Macros to define and implement interfaces, to ensure they are checked and correct.
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Updated Last
1 Year Ago
Started In
July 2022


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Macros for defining the required behaviours of Julia interfaces, and stating that an object implements them.

The goal is to get as much as possible out of defining an interface, specifically:

  • Traits: All @implements declarations produce compile-time traits that can be checked by other packages - for the whole interface and all of it's optional components.
  • Tests: @implements declarations should be tested in package tests.
  • Docs: interface documentation can be inserted into trait documentation.

Note: the syntax here is likely to change over 2022 as we work out the best ways to define interfaces


See the IterationInterface in BaseInterfaces.jl (a subpackage of this package) for examples of @interface and @implements.

But heres an examples using Animals, and the implementation of a Duck.

First we define the interface methods, and a list of mandatory and optional properties of the interface, with conditions, using the @interface macro.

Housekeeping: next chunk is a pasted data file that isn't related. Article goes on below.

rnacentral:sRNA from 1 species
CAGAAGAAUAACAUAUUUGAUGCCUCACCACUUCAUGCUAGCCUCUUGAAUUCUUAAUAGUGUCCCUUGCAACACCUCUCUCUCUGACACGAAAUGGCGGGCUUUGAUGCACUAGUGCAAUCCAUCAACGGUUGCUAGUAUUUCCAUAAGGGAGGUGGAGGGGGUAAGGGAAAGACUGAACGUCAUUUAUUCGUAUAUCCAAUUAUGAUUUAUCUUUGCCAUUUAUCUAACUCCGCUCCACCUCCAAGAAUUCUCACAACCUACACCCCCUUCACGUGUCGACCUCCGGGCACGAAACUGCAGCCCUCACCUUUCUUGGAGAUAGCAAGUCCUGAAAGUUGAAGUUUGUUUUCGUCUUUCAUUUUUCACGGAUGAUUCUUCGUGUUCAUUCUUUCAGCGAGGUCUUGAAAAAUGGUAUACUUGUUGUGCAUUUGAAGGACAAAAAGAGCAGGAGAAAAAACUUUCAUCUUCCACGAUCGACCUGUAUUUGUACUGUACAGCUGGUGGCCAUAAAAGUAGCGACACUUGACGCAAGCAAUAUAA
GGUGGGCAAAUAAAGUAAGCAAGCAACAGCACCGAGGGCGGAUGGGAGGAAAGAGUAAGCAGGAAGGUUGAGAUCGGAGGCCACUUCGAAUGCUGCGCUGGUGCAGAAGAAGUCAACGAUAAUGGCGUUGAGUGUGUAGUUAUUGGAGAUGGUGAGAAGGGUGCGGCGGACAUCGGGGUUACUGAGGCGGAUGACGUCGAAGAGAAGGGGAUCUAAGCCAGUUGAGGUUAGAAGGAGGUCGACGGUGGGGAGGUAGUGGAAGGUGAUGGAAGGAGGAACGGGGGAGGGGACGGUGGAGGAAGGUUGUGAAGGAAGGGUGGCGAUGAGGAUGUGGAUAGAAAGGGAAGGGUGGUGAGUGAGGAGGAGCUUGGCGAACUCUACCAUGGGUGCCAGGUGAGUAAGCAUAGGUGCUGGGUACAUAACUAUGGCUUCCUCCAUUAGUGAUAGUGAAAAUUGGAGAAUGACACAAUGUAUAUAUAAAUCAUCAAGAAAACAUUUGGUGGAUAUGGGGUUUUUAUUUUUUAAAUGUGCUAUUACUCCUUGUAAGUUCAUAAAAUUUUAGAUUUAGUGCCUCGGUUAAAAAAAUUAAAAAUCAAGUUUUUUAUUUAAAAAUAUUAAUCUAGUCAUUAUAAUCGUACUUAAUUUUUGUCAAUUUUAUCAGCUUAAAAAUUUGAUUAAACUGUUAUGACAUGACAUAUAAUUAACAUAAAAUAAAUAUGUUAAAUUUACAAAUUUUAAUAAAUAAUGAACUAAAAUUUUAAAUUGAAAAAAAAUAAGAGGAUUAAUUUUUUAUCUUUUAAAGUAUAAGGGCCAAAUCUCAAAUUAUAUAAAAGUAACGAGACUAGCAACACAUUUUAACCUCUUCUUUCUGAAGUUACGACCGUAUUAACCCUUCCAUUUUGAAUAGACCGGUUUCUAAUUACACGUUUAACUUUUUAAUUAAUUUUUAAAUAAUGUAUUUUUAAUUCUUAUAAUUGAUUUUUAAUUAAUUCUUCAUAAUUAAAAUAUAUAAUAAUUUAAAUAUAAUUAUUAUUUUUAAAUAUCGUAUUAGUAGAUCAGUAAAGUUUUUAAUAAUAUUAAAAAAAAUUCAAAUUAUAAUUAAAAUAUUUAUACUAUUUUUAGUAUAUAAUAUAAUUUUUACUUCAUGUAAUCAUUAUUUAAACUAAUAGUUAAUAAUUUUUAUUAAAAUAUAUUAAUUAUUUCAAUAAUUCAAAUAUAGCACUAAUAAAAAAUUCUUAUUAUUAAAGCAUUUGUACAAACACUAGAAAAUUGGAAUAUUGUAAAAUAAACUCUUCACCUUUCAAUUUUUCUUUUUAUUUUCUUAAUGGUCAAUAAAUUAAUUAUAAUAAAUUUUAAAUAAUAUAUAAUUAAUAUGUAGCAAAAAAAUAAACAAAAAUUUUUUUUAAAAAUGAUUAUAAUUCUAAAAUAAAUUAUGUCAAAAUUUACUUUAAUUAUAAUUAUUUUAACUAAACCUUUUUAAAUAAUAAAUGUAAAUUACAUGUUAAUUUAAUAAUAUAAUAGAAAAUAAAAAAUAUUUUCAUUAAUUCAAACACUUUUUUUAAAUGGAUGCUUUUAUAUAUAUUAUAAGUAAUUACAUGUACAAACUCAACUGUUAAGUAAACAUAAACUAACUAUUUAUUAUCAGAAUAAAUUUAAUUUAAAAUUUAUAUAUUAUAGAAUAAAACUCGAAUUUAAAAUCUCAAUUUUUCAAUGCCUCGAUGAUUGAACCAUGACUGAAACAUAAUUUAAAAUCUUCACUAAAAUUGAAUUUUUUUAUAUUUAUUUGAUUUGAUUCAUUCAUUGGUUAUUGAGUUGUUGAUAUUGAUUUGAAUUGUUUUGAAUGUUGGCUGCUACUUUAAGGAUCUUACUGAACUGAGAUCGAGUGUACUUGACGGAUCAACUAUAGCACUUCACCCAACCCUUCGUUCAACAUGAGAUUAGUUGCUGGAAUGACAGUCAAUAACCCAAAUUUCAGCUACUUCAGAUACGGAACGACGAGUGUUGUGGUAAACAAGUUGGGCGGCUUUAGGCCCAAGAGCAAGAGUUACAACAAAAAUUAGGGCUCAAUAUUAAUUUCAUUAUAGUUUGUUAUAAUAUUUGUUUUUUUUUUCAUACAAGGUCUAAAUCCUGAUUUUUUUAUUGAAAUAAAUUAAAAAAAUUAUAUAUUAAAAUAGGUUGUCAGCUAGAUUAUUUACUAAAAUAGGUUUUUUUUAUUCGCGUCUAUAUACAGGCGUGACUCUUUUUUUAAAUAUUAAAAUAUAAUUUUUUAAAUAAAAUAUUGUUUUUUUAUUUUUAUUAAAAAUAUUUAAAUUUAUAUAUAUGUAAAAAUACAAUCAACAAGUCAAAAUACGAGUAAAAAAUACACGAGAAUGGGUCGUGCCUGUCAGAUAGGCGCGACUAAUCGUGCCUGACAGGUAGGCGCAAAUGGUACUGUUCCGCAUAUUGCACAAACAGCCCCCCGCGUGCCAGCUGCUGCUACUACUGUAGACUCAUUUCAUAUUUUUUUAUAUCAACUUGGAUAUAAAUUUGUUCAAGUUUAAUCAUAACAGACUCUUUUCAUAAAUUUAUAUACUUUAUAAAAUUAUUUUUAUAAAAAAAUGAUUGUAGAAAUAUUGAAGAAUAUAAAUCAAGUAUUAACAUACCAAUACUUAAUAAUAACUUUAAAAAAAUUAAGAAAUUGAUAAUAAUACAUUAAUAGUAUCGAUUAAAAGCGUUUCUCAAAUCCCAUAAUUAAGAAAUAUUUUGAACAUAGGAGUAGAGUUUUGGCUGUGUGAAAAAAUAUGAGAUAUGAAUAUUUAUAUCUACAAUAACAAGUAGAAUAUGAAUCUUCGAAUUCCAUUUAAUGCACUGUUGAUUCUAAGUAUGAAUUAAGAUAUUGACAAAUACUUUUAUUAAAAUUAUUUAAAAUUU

The @interface macro takes two argumens

  1. The name of the interface, which should usully end with "Interface"
  2. The mandatory and optional components of the interface written as a NamedTuple, with functions or tuple of functions that test them.
module Animals

using Interfaces

# Define the methods the interface uses
function age end
function walk end
function talk end
function dig end

# Define the interface conditions
@interface AnimalInterface (
    mandatory = (;
        age = (
            x -> age(x) isa Real,
            x -> age(x) >= 0,
    optional = (;
        walk = x -> walk(x) isa String,
        talk = x -> talk(x) isa Symbol,
        dig = x -> dig(x) isa String,


Now we can implement the AnimalInterface, for a Duck.

The @implements macro takes three arguments.

  1. The interface type, with a tuple of optional components in its first type parameter.
  2. The the type of the object implementing the interface
  3. Some code that defines an instance of that type that can be used in tests.
using Interfaces

# Define our Duck object
struct Duck

# And extend Animals methods for it
Animals.age(duck::Duck) = duck.age
Animals.walk(::Duck) = "waddle" = :quack

# And define the interface
@implements Animals.AnimalInterface{(:walk, :talk)} Duck [Duck(1), Duck(2)]

Now we have some methods we can use as traits, and test the interface with:

julia> Interfaces.implements(Animals.AnimalInterface{:walk}, Duck)

julia> Interfaces.implements(Animals.AnimalInterface{:dig}, Duck)

# We can test the interface
julia> Interfaces.test(Animals.AnimalInterface, Duck)

# Or components of it:
julia> Interfaces.test(Animals.AnimalInterface{(:walk,:talk)}, Duck)

# Test another object
struct Chicken end

julia> Interfaces.implements(Animals.AnimalInterface, Chicken()) 

If you think it should behave differently or there is better syntax, please make an issue.